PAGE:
The Song “Buttercup” By Hippo Campus Saved My Teen and I’m Grateful

Your daughter helped you pick your outfit – black leggings, short boots, a fun top. She is in a lively mood when she meets you at work. She’s chatting, smiling, full of energy that was lacking when she got home from college two days previous for Thanksgiving break. But tonight she’s practically glowing, her makeup carefully done, cheeks shimmering, eyes sparking and outlined with a steady hand. You breathe a sigh of relief as the two of you walk to your Jeep and get on the road to the concert.

You park then hurry through the rain to the theater. Your daughter gets a text that her friends have arrived. You meet up. The girls want to get a spot closer to the stage. You want to join them but there’s something in your daughter’s eyes that makes you think you should let them go be on their own. “Go ahead,” you tell them, “I’ll be fine on my own.”

My daughter has a buttercup tattoo.
At a Hippo Campus concert, I was reminded that buttercups make my daughter feel strong.

You find a spot to stand. You are surrounded by hundreds of people but you feel alone. You find it hard to breathe. Feel like you cannot swallow. You go to the bar and get a Diet Coke. Wish you could have a real drink and loosen up a bit. You text your daughter. Tell her you are sad you are alone then feel bad for telling her so. She replies, “Come and find us.” You try but can’t make your way through the crowd so text her back and say you’ll catch her at the end.

You find a new spot to stand. Put a hand on your hip. Then both hands on your hips. A power pose that makes you feel awkward, not powerful. You wonder if everyone is looking at the middle-aged mom-lady wondering why she’s standing with her hands on her hips. Maybe they believe you are a bouncer, you think. The thought makes you laugh. To yourself. Not that anyone could have heard you, it’s so loud here. You shift your weight. Left foot. Right. Left again. Find you are holding your breath. Try to breathe deep. Discover your left shoulder is stiff, that you are holding it higher than your right as though protecting your heart.

You find a new place to stand near the back. Hippo Campus takes the stage. The crowd screams. You don’t scream but you sway to the music in an understated fashion, suitable, you hope, for middle-aged moms. You remember you have never been a typical mom so try to be cool and take a video. You raise your camera phone with great hope for a video worthy of social media then realize you’ve taken a burst of 49 photos instead, all blurry.

You try to enjoy yourself but think about your daughter. Is she one of the kids jumping up and down to the music? Is she having fun? Is she singing along? When we leave, will the memories of the concert make her feel hopeful in the dead of winter, or will dread take its hold like it’s done before?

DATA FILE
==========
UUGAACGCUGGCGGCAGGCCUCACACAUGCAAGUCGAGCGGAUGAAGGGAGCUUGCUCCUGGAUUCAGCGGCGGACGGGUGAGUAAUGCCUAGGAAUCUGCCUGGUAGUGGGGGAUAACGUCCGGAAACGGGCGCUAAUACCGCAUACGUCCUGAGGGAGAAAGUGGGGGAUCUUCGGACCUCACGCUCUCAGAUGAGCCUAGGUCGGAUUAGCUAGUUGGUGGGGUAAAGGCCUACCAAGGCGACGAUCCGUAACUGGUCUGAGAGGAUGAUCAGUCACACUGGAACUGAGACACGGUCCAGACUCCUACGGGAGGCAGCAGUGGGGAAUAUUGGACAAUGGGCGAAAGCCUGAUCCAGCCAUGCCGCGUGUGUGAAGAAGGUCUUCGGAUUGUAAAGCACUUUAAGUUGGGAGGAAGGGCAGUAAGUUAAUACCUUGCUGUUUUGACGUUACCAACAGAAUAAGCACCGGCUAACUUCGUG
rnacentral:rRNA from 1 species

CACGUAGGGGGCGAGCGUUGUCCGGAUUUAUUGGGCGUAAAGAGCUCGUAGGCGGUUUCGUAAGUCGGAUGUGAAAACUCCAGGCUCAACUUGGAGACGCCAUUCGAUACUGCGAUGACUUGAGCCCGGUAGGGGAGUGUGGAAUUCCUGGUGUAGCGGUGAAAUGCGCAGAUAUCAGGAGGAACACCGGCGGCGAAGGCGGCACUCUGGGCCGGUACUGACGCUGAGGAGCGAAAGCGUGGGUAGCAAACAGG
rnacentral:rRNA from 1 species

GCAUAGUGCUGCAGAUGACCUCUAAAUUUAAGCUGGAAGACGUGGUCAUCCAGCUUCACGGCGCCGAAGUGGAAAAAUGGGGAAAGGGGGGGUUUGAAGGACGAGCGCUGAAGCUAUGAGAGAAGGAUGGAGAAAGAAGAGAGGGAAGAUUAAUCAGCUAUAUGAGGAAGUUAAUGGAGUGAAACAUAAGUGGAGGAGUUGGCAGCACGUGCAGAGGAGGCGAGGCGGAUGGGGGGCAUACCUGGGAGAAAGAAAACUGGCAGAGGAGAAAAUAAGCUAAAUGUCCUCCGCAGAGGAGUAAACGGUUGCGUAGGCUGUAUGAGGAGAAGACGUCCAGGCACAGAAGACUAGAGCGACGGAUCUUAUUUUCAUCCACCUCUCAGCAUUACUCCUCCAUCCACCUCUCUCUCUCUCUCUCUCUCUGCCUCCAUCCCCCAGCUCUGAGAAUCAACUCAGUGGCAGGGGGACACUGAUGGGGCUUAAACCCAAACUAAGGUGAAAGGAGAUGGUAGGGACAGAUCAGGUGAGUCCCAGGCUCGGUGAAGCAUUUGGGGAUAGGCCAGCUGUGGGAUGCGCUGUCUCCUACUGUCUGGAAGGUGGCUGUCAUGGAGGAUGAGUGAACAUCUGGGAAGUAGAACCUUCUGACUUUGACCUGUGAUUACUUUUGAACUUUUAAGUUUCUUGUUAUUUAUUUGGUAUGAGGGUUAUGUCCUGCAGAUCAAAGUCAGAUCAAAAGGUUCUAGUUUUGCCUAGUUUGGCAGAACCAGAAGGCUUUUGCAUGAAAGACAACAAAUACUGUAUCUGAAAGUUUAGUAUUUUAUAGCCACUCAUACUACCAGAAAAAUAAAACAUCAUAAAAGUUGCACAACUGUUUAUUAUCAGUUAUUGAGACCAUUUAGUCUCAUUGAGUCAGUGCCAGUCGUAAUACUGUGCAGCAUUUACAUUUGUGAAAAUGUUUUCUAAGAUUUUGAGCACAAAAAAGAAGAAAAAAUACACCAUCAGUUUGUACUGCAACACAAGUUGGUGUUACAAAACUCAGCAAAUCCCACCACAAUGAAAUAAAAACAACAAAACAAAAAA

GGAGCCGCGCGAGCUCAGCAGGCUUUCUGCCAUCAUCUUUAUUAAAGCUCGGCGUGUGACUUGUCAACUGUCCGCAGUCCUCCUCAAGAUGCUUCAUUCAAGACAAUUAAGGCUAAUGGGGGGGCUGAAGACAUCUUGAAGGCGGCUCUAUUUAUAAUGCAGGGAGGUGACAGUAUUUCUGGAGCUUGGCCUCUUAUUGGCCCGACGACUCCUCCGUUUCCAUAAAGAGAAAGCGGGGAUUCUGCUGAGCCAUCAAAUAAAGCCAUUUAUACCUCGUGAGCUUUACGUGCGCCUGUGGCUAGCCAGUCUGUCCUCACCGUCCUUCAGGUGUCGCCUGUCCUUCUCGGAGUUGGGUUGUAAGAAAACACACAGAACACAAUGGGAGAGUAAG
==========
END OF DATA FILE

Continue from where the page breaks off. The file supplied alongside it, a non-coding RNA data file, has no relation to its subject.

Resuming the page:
The music is so loud that the floor beneath you is shaking. You close your eyes and feel it move up through your feet and into your core. You find yourself smiling, laughing, even, at the happiness of the people around you. The band plays their last song and leaves the stage. The crowd screams. They scream louder and louder. Soon the theater is aglow with the lights from hundreds of cellphones held high, beckoning the band to come back for more.

The band comes back on stage. They start their last song, the song you know your daughter has been waiting for. That you’ve been waiting for. This is the song she claims helped keep her alive last spring when things were really bad. The song that meant so much to her that she got a tattoo of buttercups on her leg, a visual reminder that things will be okay.

With the first words of the song you let out a sigh, a sob, really, then realize you are crying as your body sways back and forth, back and forth in that instinctual rocking motion of mothers. You reach up to wipe your tears and you remember all the times you’ve done that for your daughter, for skinned knees, for nightmares, for those times when life has been so hard she’s wanted to leave it. You wish, for the millionth time, that you had answers. That you could make things easier for her, your baby girl, now nineteen years old and trying her best to make it on her own. You close your eyes, you breathe deep, you rock your body back and forth, back and forth, as the band sings the words you choose to believe: “She’ll be fine on her own. She’ll be fine on her own.”

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Myrna CG Mibus is a writer who also works as a bookseller at an indie bookstore in Northfield, Minnesota. She is mom of a college sophomore and a high school junior. Her articles and essays on family, aviation, artists and travel have been published in a variety of publications including the Minneapolis StarTribune, Minnesota Good Age, Girlfriends Magazine and Piper Flyer. She blogs about writing, books, and more at her Writing Space blog. You can also find her on Facebook, Instagram and Twitter.

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